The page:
“Do you know who are First Nations people?”
“Who are they?”
There are at least 634 First Nations in Canada, made up of 1.7 million people speaking over 50 distinct languages. What is now called the ‘Greater Toronto Area’ is surrounded by nearly a dozen Indigenous communities, many of which called this region home for millennia before settler arrival.
Verne Ross is from Cote First Nation in Saskatchewan. He co-teaches the 200-level Introduction to Indigenous Studies course at UTSG’s Centre for Indigenous Studies.
The class covers foundational material in Indigenous knowledge, politics, and history, both independent of and in relation to settlers, from the traditional Seven Grandfather Teachings, to the four sacred medicines, to self-determination and governance.
The course is an invaluable learning opportunity for students who may otherwise have little exposure to Indigenous issues in their other courses.
Ross likes to push his students by asking them questions. He asks them to share why they are taking Indigenous Studies — and to consider what they really know of the people who have lived on this land for thousands of years.
“Who are they?”
The University of Toronto, in stark contrast, was founded in 1827. It operates on the traditional land of the Huron-Wendat, the Seneca, and the Mississaugas of the Credit River. Indigenous students, staff, and community members from across Turtle Island study and work on all three campuses.
Education in Indigenous studies about and alongside Indigenous people is vital to a comprehensive education in Canada, as well as to understanding how the university got to where it is today.
Whose stories we teach
The courses offered at the Centre for Indigenous Studies overlap substantially with other disciplines. If students take other classes while lacking even a basic understanding of who Indigenous people are, they may be in for a jarring experience.
“If you go into Equity Studies, or English, or Anthropology, I guarantee my First Nations people are going to be mentioned in those lectures,” Ross says. “[And] the student is sitting there wondering… ‘Who are they? I didn’t know they were here.’”
“I didn’t know they existed.”
“Reconciliation is hard, and there is more to be done, but I am encouraged by the direction the law school has taken.”
— Daniel Diamond, Beaver Clan, Opaskwayak Cree Nation Law
By offering courses on Indigenous languages and research methodologies, for instance, institutions like the Centre for Indigenous Studies have made a concerted effort to share that knowledge with the university at large.
Indigenous students, professors, and community members from other departments are also often invited to perform land acknowledgements at opening and closing ceremonies, or to share their experiences at panels and conferences.
In many places on campus, though, the attention and respect with which Indigenous content is treated depends on who is teaching.
Annie MacKillican is a third-year student and member
of the Mattawa North Bay First Nation. She is double majoring in Indigenous Studies and Political Science.
Despite centring mostly on Canadian politics, her political science instructors have at times completely failed to acknowledge the impact of Indigenous people on the political landscape.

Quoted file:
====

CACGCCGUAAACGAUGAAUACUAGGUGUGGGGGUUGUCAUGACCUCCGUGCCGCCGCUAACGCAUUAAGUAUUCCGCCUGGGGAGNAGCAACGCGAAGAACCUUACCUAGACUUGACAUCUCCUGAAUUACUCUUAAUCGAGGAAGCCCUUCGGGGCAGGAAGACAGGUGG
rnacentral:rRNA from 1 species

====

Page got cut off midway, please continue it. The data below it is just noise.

“It’s frustrating, because it kind of reinforces the idea that Indigenous people are not relevant or present in today’s society,” MacKillican says.
Samantha Giguere, in her second year studying Archaeology and Indigenous Studies, holds similar views. She is Ojibwe from the Thessalon First Nation in Northern Ontario.
“The Indigenous view on history is typically brushed over in archeology classes, with just a quick mention that Indigenous people believe they have been in the Americas for a much longer time than proven through archaeological research,” Giguere says.
Other Indigenous students have had more positive experiences. Daniel Diamond is from the Opaskwayak Cree Nation in Manitoba, a member of the Beaver Clan, and a first-year student in the Faculty of Law.
In Diamond’s opinion, the faculty has demonstrated an encouraging effort to incorporate Indigenous issues into its legal education plan. All first-year students are required to attend a half-day Introduction to Aboriginal Law course before beginning full-time studies in September, and the blanket exercise — a teaching method that tells the story of Canada’s Indigenous people — is incorporated into the faculty’s orientation week.
Some of Diamond’s professors have also highlighted Indigenous perspectives within the black-letter-law courses that make up the mandatory curriculum. His criminal law professor, Kent Roach, for example, focused much of his class on Donald Marshall Jr., a Mi’kmaq man wrongfully convicted of murder in Nova Scotia, who served 11 years in prison before he was finally exonerated.
Marshall Jr.’s case is one of the most famous wrongful conviction cases in Canadian history. It is also a black mark on Canada’s criminal justice system — a landmark example of how anti-Indigenous prejudice at all stages of the process can culminate in carceral violence and injustice.
The university is in a position to promote a more honest and meaningful inclusion of Indigenous people and voices, and arguably has a responsibility to do so.
“Being an educational institution, they have the unique ability to change how people receive information about the country they live and study in,” MacKillican says.
Control over narratives
For many non-Indigenous students, university is their first opportunity to come into contact with Indigenous teachings — or even with Indigenous people.
Ross recounts the many preconceived notions that students have brought into his classroom.
“Is it true that Native people all live on reserves?” (No. Indigenous people live all across Canada, on reserve and off reserve.)